Purchased: 1901, Samarkand, "Kap, piled, woolen, with silk, Tekke, old"
Published: Tsareva, Rugs, p. 24; Tsareva, Hali 1/3, 1978, p. 279, Hali, 7/3, 1985, p. 19




In all there are 16 Saryk pile weaving in the Dudin Collection at the State Museum of Ethnography plus a yolami in the Hermitage 14. All of them are truly wonderful and among these, I believe, are the oldest and most beautiful of all Turkmen tent bags, as determined by both colour and design. In describing the Saryk portion of the collection, I arranged the material according to age beginning with the oldest.

Identifying the proper attribution for torba 6 is very difficult. Dudin himself attributed it to the Tekke. One may be misled by some
features of the primary border (kotchanak) and the the field design (chemche) as well as the colouring of the original fringe (not dark blue as in the 19th century torbas but rather mixed). The deep cherry red of the ground and the technique (symmetric knot), type of warp and weft lead us to attribute it to the Saryk, belonging to the early Amu Darya period of this tribe, ie. late 17th-early 18th century. Undoubtedly, the gols of the central field are very archaic and ceased being used long ago.





8. SARYQ Turkoman, MAFRASH
2'3"x1'1" (69x32 cm)
Late 18th-early 19th century. SME No. 26-22


Design: White Panel
Warp: Wool, ivory, some reddish, Z2S, slightly depressed
Weft: Wool, gray-brown, in places brown mixed with ivory, in the center dyed red, Z2S, loosely spun, loosely twisted; two shoots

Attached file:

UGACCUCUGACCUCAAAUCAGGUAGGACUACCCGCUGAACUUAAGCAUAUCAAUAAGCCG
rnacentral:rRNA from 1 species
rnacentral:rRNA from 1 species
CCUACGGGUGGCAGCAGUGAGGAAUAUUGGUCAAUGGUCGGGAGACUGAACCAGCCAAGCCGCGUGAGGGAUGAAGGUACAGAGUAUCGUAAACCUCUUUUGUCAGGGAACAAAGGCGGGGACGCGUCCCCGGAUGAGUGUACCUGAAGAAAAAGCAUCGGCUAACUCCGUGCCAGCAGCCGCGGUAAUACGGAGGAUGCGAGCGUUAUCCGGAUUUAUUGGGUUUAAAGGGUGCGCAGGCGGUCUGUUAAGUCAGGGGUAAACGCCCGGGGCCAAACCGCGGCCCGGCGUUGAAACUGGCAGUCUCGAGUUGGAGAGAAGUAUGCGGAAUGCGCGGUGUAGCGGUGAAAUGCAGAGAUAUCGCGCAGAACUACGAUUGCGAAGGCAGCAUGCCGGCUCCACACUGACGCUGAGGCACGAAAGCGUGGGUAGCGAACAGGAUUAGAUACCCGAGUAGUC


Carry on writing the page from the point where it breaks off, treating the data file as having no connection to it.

Knot: Wool and silk, Z2S; symmetric, multitude of offset knots, some sharing knots (two knots on three warps); count: 12 horizontal (47), 16 vertical (64), 192 per square inch (3,008 dm2); pile looks down
Colors: Deep red, orange-red, orange, pink (silk), violet-brown, brown, bright dark blue, bright blue-green, blue, ivory; natura1 dyes
Sides: Dark blue wool plait on 2 pairs of warps; remains of late tassel in the right corner
Ends: Upper: Red and ivory flatweave, folded over to the back and sewn down; Lower: Dark blue flatweave cut down, remains of dark blue fringe on 8 warps close to the pile

Purchased: Merv, "mafrach Salor, pile, woolen, with silk, fringe cut down
Published: First publication




The second Saryk piece, also of the Amu Darya period, is chuval no. 7, my favorite of the group. It shows a very popular composition with the so-called Salor gol and the unusual variant of intermediate chuval gols. The noble shape of the naldag border and gols, the spacious drawing over the field of the weaving gives an impression of these gols with pink silk centers floating on the deeply saturated red ground. These features contribute to my feeling this is one of the most beautiful Turkmen weavings known . The prominent aesthetic of the chuval corresponds with the high level of craftsmanship, a beautiful soft wool, a lovely sparkling patina, and a fine weave.